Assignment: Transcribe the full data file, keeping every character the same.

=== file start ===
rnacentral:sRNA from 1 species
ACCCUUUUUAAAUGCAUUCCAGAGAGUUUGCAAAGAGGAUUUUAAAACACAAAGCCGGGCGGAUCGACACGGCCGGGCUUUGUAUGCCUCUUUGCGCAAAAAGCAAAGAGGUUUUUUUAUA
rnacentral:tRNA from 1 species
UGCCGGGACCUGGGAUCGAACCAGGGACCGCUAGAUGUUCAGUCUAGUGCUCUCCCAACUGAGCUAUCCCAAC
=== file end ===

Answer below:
rnacentral:sRNA from 1 species
ACCCUUUUUAAAUGCAUUCCAGAGAGUUUGCAAAGAGGAUUUUAAAACACAAAGCCGGGCGGAUCGACACGGCCGGGCUUUGUAUGCCUCUUUGCGCAAAAAGCAAAGAGGUUUUUUUAUA
rnacentral:tRNA from 1 species
UGCCGGGACCUGGGAUCGAACCAGGGACCGCUAGAUGUUCAGUCUAGUGCUCUCCCAACUGAGCUAUCCCAAC